Welcome to Just Old Flies

Welcome to 'just old flies,' a section of methods and flies that used-to-be. These flies were tied with the only materials available. Long before the advent of 'modern' tying materials, they were created and improved upon at a far slower pace than todays modern counterparts; limited by materials available and the tiers imagination.

Once long gone, there existed a 'fraternity' of anglers who felt an obligation to use only the 'standard' patterns of the day. We hope to bring a bit of nostalgia to these pages and to you. And sometimes what you find here will not always be about fishing. Perhaps you will enjoy them. Perhaps you will fish the flies. Perhaps . . .


Part One hundred-twentythree

H and L Variant

H and L Variant

Compiled and Tied By Thomas C. Duncan, Sr.
Photo by James Birkholm


The variant is a style rather than a pattern, and according to Fly Patterns and Their Origins, any standard pattern can be tied as a variant. The variant is defined as "more lightly and with longer but less hackle and called them 'long-hackled, sparsely dressed flies'."

While the photo shown here is about one and a half 'normal' hackle length, most variants were tied with twice the normal hackle length.

This long hackle design is credited to Dr. Wm Baigent of Yorkshire, England, in 1875. Reputed to be one of England's most successful anglers, is credited with eleven patterns. They were all dressed with "natural Old english game cock feathers" with long hackles, giving them buoyancy and high riding qualities, in which position he claimed the rays of light played upon the iridescent fibres and made them attractive to fish by "life and form." The eleven patterns included four spinners, four variants, light, dark red and rusty, and a black, a brown and an olive.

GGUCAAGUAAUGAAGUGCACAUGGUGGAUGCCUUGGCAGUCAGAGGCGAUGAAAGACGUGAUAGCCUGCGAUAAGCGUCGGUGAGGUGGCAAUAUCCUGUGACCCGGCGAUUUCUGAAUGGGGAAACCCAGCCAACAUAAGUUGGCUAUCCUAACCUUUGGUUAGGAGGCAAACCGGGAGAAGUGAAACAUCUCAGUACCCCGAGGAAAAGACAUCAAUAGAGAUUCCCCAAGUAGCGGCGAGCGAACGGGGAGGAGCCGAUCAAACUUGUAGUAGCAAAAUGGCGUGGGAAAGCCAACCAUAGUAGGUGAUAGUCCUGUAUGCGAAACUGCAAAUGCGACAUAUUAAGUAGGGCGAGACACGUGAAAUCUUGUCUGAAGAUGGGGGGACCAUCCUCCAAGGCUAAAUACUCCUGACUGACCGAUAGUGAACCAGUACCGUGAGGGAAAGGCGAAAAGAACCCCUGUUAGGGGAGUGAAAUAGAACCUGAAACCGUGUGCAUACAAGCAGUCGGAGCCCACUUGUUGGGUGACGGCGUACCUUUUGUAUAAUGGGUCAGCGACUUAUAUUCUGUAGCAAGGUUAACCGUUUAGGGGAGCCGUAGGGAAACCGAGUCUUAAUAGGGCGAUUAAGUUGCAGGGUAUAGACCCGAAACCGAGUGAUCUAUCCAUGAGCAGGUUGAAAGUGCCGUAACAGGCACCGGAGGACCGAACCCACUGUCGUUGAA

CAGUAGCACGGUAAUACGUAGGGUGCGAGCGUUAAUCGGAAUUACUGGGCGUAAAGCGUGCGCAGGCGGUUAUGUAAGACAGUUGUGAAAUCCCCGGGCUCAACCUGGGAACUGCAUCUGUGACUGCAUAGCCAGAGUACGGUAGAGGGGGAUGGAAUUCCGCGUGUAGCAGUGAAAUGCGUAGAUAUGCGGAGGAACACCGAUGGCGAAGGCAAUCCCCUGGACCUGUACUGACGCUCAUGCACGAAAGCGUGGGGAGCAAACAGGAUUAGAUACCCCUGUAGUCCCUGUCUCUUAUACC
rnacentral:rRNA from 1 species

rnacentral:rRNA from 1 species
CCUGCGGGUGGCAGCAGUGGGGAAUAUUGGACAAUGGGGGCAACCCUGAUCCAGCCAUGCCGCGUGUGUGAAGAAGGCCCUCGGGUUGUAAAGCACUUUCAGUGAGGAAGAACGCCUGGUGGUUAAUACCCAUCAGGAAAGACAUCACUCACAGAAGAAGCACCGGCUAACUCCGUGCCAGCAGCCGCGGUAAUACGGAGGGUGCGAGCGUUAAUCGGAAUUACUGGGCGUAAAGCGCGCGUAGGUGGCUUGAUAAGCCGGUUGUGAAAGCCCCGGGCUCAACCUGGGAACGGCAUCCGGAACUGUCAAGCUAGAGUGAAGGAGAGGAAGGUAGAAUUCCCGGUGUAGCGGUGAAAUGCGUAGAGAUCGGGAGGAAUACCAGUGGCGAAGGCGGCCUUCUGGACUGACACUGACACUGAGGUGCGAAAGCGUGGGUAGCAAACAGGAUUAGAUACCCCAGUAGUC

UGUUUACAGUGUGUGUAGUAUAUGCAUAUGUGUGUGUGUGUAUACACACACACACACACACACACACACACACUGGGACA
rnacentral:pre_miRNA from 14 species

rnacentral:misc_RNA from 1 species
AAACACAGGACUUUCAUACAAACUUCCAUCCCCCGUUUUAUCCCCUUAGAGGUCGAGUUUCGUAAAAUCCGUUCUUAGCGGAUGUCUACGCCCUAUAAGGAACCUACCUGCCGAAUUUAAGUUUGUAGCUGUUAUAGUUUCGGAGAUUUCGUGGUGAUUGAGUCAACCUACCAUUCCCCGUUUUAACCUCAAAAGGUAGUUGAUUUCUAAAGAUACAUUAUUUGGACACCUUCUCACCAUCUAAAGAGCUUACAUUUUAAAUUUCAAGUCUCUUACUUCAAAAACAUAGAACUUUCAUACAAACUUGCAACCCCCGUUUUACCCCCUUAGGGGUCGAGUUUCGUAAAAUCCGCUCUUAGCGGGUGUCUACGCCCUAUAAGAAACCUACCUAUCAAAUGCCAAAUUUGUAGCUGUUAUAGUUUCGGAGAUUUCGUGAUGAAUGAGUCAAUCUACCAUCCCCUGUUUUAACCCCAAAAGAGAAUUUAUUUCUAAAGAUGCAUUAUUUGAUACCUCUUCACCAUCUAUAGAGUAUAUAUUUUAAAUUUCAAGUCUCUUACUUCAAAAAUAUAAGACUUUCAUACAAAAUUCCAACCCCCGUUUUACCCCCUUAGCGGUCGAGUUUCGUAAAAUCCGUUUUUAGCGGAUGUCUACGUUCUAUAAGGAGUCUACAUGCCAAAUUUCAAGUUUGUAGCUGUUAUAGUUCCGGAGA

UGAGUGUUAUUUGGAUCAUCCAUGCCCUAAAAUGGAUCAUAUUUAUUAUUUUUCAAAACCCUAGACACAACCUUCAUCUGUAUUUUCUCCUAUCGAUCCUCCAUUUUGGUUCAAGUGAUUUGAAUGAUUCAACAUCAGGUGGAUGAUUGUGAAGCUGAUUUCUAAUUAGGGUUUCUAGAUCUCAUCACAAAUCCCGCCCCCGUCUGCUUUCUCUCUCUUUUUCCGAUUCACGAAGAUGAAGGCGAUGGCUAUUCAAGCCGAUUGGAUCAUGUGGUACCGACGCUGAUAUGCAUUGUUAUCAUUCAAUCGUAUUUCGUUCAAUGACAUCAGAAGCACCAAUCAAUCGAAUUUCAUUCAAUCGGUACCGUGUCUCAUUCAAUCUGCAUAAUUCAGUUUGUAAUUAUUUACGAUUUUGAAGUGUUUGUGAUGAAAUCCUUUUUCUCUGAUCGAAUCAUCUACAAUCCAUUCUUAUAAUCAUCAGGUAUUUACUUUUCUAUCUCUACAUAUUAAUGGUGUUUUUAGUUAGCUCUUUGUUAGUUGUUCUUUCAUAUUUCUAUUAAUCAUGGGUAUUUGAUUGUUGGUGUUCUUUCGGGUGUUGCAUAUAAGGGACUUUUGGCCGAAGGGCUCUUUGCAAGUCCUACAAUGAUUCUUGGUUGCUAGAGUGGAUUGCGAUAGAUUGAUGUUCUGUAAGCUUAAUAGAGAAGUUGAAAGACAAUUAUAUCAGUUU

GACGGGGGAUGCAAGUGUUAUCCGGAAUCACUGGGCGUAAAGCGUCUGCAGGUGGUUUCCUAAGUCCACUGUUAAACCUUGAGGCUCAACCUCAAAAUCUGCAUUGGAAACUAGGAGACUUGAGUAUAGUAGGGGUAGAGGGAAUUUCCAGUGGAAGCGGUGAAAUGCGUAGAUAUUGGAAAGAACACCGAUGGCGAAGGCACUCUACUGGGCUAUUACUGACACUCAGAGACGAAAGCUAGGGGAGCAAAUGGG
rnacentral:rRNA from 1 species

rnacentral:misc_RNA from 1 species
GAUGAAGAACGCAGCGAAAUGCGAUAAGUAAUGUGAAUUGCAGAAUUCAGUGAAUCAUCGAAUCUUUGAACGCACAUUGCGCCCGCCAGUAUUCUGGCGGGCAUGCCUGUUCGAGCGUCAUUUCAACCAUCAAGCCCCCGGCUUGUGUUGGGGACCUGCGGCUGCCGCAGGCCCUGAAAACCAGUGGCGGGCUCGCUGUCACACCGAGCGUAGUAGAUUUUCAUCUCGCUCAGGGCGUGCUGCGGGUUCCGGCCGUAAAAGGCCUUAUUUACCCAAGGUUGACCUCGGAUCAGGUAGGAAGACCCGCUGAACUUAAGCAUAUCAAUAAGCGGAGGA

As a further development he registered a set of twelve patterns as "Refracta Dry Flies." The hackles were separated; short for pattern as legs, and long, for floating qualities, to disturb the water and produce an altered refraction.

The pattern is:
    Hook:   Dry Fly hook.

    Tails:  Calf tail or body hair.

    Body:  Stripped peacock herl quill followed by thick herl.

    Hackle:  Brown.

    Wing:  Calf tail or body hair.
    ~ Thomas C. Duncan, Sr.

Archive of Old Flies


[ HOME ]

[ Search ] [ Contact FAOL ] [ Media Kit ]

FlyAnglersOnline.com © Notice